Her production, vision and leadership are similarly lauded, and this time last year, the talk was if Bueckers, or any other star, should have to wait three years to enter the draft. Name, image and likeness deals changed that conversation, and Bueckers has some of the most lucrative NIL deals in women’s basketball. But the knock on her draft stock is health. She underwent ankle surgery after her freshman year and missed 19 games last season with a tibial plateau fracture and lateral meniscus tear in her left knee. Then, the ACL injury in the offseason that kept her sidelined.

Van Lith, a 5-foot-7 point guard, opted this month to leave Louisville, which she led to the Final Four in 2022, and chose not to be contacted by coaches. It means she likely has an idea of where she wants to go, and the All-American honorable mention probably wants to join a team better designed to reach a title game than the Cardinals will be this season. Van Lith, who is listed as a graduate transfer after obtaining her degree in three years, is the type of high-intensity player who locks in and turns it up come tournament time. She’s been on draft radars since she was a freshman.

Edwards, a 6-3 forward, lifted her game as a junior to help steady UConn amid a season of unprecedented injuries to nearly every single player on the roster. She ranked top 100 in scoring for the first time, is an experienced member of the Canadian national team pool, and has the strength and mobility to be a lottery pick. WNBA front offices are often high on UConn players, which was seen this season in Lou Lopez Sénéchal going No. 5 overall after a stellar single year at the program.

Brink, a 6-4 shot-blocking standout for Stanford, is a projected lottery pick for her size and defensive talents. She’s the program’s all-time blocks leader and ranked third in Division I in the category this season. Her scoring ability could improve and she is often in foul trouble, though it’s something she has been cognizant of this past year. She won the 2021 national championship with Stanford.

NC State star Diamond Johnson, a 5-5 guard who started at Rutgers, is also a part of the traditional ’24 class as is North Carolina’s Deja Kelly, a 5-8 guard who can take over games with her dangerous midrange jumper. Ayoka Lee, the Kansas State big who set the NCAA D-I scoring record with 61 points last year, is an overlooked post in the class as she missed this past season after undergoing knee surgery.

The 2025 draft class has the potential to be over-the-top if a majority of these players do choose to return to school for an extra season.

LSU's Angel Reese during an NCAA Women's Final Four semifinals basketball game against Virginia Tech Friday, March 31, 2023, in Dallas. (AP Photo/Darron Cummings)
LSU's Angel Reese has said she plans to stay in college as long as possible. (AP Photo/Darron Cummings)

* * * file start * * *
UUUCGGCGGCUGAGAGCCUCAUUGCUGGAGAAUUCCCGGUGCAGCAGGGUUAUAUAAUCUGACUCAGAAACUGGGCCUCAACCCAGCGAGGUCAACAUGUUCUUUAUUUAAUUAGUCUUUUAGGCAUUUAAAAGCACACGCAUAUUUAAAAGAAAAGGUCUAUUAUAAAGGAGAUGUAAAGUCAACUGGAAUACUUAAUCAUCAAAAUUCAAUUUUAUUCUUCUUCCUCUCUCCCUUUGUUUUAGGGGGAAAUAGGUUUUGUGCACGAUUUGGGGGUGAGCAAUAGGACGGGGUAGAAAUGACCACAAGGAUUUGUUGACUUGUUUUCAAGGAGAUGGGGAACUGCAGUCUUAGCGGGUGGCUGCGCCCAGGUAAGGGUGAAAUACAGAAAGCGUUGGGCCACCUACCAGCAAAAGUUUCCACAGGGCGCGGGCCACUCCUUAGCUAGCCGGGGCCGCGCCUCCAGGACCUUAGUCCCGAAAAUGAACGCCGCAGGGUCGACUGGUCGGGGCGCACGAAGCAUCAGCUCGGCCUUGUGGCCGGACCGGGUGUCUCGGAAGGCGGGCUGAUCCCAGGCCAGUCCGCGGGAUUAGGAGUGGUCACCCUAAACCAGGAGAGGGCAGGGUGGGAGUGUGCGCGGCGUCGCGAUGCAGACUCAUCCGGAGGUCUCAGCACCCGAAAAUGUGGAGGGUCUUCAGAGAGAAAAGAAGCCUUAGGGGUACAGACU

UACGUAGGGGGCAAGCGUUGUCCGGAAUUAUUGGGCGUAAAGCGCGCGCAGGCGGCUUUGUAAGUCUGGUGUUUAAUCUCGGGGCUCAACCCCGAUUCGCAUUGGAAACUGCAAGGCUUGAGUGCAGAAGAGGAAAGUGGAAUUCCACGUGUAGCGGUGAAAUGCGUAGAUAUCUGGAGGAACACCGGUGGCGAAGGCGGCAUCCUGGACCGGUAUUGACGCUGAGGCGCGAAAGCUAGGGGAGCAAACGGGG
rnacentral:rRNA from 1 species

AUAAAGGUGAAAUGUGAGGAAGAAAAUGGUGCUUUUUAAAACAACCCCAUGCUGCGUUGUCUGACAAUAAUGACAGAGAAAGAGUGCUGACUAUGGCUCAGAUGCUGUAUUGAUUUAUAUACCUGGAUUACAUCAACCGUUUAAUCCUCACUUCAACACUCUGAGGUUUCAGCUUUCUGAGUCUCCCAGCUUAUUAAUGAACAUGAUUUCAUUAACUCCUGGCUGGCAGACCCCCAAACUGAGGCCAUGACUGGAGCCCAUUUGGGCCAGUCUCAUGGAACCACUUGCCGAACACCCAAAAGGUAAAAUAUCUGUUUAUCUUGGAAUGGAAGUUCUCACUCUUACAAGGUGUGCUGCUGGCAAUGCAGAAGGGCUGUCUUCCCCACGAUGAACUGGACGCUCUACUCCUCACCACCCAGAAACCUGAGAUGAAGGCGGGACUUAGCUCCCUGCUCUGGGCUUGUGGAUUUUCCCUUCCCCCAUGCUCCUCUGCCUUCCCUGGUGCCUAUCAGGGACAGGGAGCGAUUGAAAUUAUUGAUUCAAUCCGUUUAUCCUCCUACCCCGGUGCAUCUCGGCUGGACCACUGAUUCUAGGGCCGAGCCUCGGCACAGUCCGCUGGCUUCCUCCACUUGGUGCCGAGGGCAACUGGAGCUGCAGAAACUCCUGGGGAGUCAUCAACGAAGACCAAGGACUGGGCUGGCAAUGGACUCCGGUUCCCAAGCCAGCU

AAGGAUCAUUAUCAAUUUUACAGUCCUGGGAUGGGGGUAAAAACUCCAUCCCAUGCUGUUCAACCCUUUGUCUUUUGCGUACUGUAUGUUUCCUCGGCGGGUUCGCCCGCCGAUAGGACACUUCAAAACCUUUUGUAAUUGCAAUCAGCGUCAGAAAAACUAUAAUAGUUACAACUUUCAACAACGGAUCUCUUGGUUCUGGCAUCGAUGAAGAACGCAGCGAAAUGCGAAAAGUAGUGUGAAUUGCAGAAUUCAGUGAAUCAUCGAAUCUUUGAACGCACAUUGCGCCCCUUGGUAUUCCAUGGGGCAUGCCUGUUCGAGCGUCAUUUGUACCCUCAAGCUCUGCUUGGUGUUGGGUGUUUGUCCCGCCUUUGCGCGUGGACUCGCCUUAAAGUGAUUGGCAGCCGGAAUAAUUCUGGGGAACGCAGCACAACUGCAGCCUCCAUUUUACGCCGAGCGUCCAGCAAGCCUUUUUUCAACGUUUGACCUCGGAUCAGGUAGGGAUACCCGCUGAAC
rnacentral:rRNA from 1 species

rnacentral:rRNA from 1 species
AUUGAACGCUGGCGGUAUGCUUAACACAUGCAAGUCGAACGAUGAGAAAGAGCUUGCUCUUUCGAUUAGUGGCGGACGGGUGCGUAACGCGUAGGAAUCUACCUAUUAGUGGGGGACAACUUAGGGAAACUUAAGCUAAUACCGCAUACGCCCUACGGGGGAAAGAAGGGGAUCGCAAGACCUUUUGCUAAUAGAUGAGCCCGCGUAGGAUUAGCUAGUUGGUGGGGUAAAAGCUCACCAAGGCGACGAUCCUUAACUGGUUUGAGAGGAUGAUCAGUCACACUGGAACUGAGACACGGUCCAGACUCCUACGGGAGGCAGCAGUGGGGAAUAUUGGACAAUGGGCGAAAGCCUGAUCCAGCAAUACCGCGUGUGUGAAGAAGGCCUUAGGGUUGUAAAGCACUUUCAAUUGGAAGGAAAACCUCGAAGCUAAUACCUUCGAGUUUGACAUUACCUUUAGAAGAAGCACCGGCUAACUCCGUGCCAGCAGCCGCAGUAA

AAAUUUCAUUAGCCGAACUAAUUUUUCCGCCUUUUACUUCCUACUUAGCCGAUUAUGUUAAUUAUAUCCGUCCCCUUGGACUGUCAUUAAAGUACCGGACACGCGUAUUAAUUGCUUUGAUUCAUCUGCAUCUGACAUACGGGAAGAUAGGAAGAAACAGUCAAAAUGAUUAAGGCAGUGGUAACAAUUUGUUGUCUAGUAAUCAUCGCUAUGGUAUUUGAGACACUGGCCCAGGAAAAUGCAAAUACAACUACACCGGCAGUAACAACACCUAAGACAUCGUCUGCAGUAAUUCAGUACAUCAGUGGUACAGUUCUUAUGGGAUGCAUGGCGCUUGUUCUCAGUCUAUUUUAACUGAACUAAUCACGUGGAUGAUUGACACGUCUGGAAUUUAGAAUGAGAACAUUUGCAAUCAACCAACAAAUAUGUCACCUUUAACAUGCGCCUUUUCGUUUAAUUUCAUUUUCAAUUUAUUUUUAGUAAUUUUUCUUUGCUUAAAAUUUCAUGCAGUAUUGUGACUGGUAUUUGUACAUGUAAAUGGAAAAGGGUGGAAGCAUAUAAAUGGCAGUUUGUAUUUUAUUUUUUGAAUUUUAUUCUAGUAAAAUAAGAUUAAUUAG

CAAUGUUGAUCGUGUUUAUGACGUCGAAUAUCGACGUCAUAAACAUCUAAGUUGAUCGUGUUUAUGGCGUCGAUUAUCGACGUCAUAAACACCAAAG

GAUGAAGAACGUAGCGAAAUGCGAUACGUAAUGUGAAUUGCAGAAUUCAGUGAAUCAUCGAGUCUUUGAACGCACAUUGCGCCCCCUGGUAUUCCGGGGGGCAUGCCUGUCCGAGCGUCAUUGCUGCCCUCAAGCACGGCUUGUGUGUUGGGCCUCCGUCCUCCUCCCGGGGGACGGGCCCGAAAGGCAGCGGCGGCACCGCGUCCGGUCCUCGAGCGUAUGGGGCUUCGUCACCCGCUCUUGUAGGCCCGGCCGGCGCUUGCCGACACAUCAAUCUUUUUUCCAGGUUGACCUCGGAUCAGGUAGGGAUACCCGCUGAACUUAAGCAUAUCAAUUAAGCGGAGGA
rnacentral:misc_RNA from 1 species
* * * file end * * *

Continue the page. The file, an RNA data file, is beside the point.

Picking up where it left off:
Reese has made clear she intends to stay in school as long as possible. She would be eligible for the 2024 draft because she turns 22 in May of that year. Reese, listed as a third-year sophomore, has at least two years of eligibility remaining.

UConn sharp-shooting guard Azzi Fudd, who has one of the quickest and smoothest 3-point releases in the game, turns 22 next season and would also be eligible for the 2024 draft. Very few juniors have declared for the WNBA in its history, and it seems unlikely to become a growing trend now that NIL deals are boosting earning potential from the collegiate ranks. She would also be a high prospect in 2025.

Aneesah Morrow, the 2022 Freshman of the Year at DePaul, is a part of that traditional 2025 draft class. She entered her name into the transfer portal and could up her stock with a bigger program.

There’s a logjam of talent ready to enter the league, yet there continues to be too few roster spots. Expansion has been discussed ad nauseam for years now, but there is no update on when a team might enter the league, commissioner Cathy Engelbert said on Monday night.

“Now it’s time to really get into the due diligence phase with some of these cities, some of these ownership groups,” Engelbert said. “Start deciding on what an expansion draft might look like. We’ve got great drafts coming up in the next few years.”

It might be some of the best, most packed draft classes in WNBA history as players start higher-level training and skills at younger ages that weren’t possible decades ago in the early years of women’s professional sports. The Mystics opted to hedge their bets on the top talent in those classes. The rest of the league won’t have a problem finding their own gems, even if a draft of them were to take place tomorrow. The question that can wait is if all this talent will make starting day rosters in the coming years.